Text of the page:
How to Torpedo Support for Climate Change
If you live in San Mateo California you can get a letter published in The Toronto Star (rough translation: If you work on the Toronto Star you can be impressed that someone in California writes to you about a Freak Event in Texas).
Note that this storm is “unheard of” for which read “I, personally, speaking on my own behalf, have never heard of this before”. Also known as “First Time Recorded in the Past Hundred Years”.
Without a doubt there were heavier rains when the earth was being formed, rains of Sulphuric Acid, to boot, not rains of Distilled Water. And for sure over the past 15,000 years that must have been storms bigger than this, but because ***I*** haven’t heard about it, therefore this storm is a signal of a trend.
Note too that “no Drainage System could cope with that” for which read “no Engineer thought to make the drainage system cope with the biggest storm anticipated over a five-hundred year span”. Of course not. No engineer would design such a system. You design something with a balance of costs. It will cost so many dollars to build something that’s good enough to cope with (say) 95% of the highest anticipated load, and you pay the costs associated with failure of the remaining 5%.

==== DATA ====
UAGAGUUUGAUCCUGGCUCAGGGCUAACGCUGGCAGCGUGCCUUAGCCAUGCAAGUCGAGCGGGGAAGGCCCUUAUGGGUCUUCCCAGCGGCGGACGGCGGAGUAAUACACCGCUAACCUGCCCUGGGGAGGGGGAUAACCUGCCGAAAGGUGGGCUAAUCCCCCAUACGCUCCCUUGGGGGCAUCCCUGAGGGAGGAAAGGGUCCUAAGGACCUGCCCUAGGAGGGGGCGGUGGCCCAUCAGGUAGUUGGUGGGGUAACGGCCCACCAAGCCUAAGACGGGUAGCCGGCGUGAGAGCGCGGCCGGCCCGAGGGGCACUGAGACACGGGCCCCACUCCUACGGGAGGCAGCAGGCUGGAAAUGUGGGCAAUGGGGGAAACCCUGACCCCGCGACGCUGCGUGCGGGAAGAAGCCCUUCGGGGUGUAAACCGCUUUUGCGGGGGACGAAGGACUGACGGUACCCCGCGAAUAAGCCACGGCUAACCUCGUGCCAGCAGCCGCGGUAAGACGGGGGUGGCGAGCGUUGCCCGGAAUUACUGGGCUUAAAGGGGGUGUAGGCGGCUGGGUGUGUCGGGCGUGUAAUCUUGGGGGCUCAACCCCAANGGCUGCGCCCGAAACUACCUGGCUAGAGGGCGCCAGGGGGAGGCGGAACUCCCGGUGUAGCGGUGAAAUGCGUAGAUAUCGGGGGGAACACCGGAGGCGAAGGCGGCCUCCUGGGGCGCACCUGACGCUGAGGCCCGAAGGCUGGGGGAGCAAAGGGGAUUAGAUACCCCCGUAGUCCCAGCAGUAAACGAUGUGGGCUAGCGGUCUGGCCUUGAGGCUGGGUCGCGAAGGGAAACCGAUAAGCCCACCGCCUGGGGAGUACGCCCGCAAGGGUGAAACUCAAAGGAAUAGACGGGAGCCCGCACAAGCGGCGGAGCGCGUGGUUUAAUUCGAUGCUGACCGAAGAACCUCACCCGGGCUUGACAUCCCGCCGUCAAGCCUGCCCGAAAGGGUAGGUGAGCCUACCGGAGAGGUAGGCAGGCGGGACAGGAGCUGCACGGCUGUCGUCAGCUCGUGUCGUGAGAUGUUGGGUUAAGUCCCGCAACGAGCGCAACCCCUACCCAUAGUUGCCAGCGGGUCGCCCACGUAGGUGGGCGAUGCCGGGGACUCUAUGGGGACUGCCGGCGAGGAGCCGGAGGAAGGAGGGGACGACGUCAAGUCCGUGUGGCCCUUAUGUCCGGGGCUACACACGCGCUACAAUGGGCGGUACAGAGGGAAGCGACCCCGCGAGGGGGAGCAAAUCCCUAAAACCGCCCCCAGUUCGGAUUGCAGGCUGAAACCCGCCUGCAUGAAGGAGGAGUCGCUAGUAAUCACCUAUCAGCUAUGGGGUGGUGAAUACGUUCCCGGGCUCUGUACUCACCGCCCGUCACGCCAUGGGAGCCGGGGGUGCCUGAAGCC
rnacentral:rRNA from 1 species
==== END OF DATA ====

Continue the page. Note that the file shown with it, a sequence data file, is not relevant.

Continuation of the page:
This is how Transit Systems work. It’s how Air-Conditioning Systems are designed. It’s even how computers and their data-processing programs are designed. Which is why, from time to time you will read about so-and-so’s system went down.
Of course, the cause will be examined. If the cause is a once-in-five-hundred-years event which was specifically excluded from the design, then shrug, pay the damages, and reboot the system.
If the cause can be seen to be potentially regular and we just hadn’t thought of it, then modify the program to make it stronger, and reboot the system.
Be honest now: You do not stockpile enough food to see you to the end of your life; you keep just enough food on hand to let you get through the next seven days.
Sport or Entertainment?
You know that it isn’t Sport when a Sponsor pays $800,000,000 for Naming Rights to a Stadium.
Or to put it another way, when the “sporting outfit” needs $800,000,000 that it can’t raise through ticket sales.
You can watch baseball for free right across Toronto during the summer months at any local baseball diamond. Good stuff, too.